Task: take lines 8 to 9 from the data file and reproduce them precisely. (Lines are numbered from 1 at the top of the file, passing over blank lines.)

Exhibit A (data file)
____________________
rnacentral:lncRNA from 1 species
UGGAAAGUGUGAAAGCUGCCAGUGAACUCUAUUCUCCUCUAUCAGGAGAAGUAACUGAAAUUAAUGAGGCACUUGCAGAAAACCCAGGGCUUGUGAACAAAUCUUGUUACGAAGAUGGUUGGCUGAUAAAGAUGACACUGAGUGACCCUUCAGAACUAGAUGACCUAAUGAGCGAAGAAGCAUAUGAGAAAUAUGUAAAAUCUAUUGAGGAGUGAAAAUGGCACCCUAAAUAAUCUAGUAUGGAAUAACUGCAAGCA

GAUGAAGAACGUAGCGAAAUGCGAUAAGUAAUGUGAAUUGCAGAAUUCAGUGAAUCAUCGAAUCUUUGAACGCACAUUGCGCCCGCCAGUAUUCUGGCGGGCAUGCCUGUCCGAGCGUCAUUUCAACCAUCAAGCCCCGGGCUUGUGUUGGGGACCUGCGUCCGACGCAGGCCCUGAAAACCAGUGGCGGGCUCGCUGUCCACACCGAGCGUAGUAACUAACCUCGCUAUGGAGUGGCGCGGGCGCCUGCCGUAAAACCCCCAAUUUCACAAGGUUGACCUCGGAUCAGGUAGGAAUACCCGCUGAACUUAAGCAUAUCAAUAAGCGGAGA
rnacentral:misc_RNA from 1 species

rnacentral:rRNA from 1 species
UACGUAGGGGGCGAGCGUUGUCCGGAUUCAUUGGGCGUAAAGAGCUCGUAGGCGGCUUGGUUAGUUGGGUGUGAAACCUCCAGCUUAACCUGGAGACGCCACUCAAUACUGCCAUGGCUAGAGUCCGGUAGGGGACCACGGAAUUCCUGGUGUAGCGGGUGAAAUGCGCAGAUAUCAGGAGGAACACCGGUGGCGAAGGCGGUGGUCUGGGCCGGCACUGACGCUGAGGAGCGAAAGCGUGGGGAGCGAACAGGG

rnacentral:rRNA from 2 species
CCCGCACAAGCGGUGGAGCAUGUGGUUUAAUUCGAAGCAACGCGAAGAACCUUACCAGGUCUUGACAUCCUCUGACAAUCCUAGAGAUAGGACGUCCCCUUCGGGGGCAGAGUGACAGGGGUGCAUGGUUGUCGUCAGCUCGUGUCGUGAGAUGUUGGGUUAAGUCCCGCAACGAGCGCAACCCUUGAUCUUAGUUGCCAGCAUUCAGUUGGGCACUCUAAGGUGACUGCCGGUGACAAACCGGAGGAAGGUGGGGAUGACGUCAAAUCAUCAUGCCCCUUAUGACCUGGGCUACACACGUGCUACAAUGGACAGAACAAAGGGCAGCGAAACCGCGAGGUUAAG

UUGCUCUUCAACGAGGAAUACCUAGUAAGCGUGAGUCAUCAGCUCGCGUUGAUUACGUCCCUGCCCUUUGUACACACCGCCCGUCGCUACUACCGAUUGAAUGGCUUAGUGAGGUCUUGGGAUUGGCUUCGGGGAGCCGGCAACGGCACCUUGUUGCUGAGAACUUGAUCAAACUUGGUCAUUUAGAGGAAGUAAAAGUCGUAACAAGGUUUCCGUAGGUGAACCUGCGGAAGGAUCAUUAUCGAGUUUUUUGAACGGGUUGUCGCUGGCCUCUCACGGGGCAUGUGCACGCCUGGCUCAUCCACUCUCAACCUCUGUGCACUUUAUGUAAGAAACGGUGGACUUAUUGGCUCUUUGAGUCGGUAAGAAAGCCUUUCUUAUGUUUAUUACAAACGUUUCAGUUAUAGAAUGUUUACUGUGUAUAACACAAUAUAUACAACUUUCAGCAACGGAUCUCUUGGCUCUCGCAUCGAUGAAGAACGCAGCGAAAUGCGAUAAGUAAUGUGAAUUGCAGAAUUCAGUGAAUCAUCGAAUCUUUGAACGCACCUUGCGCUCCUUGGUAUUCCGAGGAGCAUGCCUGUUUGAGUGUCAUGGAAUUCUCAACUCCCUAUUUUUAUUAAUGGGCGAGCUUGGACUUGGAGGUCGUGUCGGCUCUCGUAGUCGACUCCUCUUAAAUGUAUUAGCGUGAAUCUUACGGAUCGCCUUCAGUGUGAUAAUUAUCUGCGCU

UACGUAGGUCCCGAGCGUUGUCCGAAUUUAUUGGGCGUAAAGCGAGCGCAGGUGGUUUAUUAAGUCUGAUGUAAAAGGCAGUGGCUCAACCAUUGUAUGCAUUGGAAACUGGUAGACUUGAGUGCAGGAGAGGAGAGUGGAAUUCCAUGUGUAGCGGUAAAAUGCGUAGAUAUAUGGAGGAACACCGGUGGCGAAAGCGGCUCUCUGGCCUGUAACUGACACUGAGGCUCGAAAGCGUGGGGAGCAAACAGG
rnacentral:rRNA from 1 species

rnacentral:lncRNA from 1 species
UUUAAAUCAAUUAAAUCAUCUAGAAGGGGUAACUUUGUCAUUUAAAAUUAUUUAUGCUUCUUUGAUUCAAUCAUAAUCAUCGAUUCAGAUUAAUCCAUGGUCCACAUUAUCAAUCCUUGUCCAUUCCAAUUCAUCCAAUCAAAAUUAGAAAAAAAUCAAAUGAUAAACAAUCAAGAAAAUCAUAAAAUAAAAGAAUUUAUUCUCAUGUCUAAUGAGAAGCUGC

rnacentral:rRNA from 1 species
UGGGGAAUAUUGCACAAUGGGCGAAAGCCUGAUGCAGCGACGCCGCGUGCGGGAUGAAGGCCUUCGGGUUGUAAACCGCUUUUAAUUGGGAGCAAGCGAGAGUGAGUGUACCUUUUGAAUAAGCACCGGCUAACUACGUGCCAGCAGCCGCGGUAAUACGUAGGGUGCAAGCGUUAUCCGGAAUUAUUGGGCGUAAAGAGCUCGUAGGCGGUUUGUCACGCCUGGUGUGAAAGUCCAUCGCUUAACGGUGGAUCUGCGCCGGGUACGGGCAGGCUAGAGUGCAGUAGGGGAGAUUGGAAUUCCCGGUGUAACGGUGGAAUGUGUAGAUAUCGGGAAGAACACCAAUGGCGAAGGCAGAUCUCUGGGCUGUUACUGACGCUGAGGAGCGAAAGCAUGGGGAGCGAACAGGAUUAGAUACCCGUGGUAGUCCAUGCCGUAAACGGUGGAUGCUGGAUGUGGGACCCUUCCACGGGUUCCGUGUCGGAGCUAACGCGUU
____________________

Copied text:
CCCGCACAAGCGGUGGAGCAUGUGGUUUAAUUCGAAGCAACGCGAAGAACCUUACCAGGUCUUGACAUCCUCUGACAAUCCUAGAGAUAGGACGUCCCCUUCGGGGGCAGAGUGACAGGGGUGCAUGGUUGUCGUCAGCUCGUGUCGUGAGAUGUUGGGUUAAGUCCCGCAACGAGCGCAACCCUUGAUCUUAGUUGCCAGCAUUCAGUUGGGCACUCUAAGGUGACUGCCGGUGACAAACCGGAGGAAGGUGGGGAUGACGUCAAAUCAUCAUGCCCCUUAUGACCUGGGCUACACACGUGCUACAAUGGACAGAACAAAGGGCAGCGAAACCGCGAGGUUAAG

UUGCUCUUCAACGAGGAAUACCUAGUAAGCGUGAGUCAUCAGCUCGCGUUGAUUACGUCCCUGCCCUUUGUACACACCGCCCGUCGCUACUACCGAUUGAAUGGCUUAGUGAGGUCUUGGGAUUGGCUUCGGGGAGCCGGCAACGGCACCUUGUUGCUGAGAACUUGAUCAAACUUGGUCAUUUAGAGGAAGUAAAAGUCGUAACAAGGUUUCCGUAGGUGAACCUGCGGAAGGAUCAUUAUCGAGUUUUUUGAACGGGUUGUCGCUGGCCUCUCACGGGGCAUGUGCACGCCUGGCUCAUCCACUCUCAACCUCUGUGCACUUUAUGUAAGAAACGGUGGACUUAUUGGCUCUUUGAGUCGGUAAGAAAGCCUUUCUUAUGUUUAUUACAAACGUUUCAGUUAUAGAAUGUUUACUGUGUAUAACACAAUAUAUACAACUUUCAGCAACGGAUCUCUUGGCUCUCGCAUCGAUGAAGAACGCAGCGAAAUGCGAUAAGUAAUGUGAAUUGCAGAAUUCAGUGAAUCAUCGAAUCUUUGAACGCACCUUGCGCUCCUUGGUAUUCCGAGGAGCAUGCCUGUUUGAGUGUCAUGGAAUUCUCAACUCCCUAUUUUUAUUAAUGGGCGAGCUUGGACUUGGAGGUCGUGUCGGCUCUCGUAGUCGACUCCUCUUAAAUGUAUUAGCGUGAAUCUUACGGAUCGCCUUCAGUGUGAUAAUUAUCUGCGCU